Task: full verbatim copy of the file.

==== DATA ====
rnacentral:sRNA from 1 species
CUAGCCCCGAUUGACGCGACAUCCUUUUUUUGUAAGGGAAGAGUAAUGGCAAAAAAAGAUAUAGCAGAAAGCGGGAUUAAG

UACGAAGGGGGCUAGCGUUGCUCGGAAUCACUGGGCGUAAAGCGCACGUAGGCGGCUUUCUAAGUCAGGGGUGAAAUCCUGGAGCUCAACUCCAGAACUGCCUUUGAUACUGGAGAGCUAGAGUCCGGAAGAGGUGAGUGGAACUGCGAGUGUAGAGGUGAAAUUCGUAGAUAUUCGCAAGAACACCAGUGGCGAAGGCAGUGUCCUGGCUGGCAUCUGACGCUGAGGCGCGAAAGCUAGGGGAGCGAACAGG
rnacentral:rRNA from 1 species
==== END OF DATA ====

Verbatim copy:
rnacentral:sRNA from 1 species
CUAGCCCCGAUUGACGCGACAUCCUUUUUUUGUAAGGGAAGAGUAAUGGCAAAAAAAGAUAUAGCAGAAAGCGGGAUUAAG

UACGAAGGGGGCUAGCGUUGCUCGGAAUCACUGGGCGUAAAGCGCACGUAGGCGGCUUUCUAAGUCAGGGGUGAAAUCCUGGAGCUCAACUCCAGAACUGCCUUUGAUACUGGAGAGCUAGAGUCCGGAAGAGGUGAGUGGAACUGCGAGUGUAGAGGUGAAAUUCGUAGAUAUUCGCAAGAACACCAGUGGCGAAGGCAGUGUCCUGGCUGGCAUCUGACGCUGAGGCGCGAAAGCUAGGGGAGCGAACAGG
rnacentral:rRNA from 1 species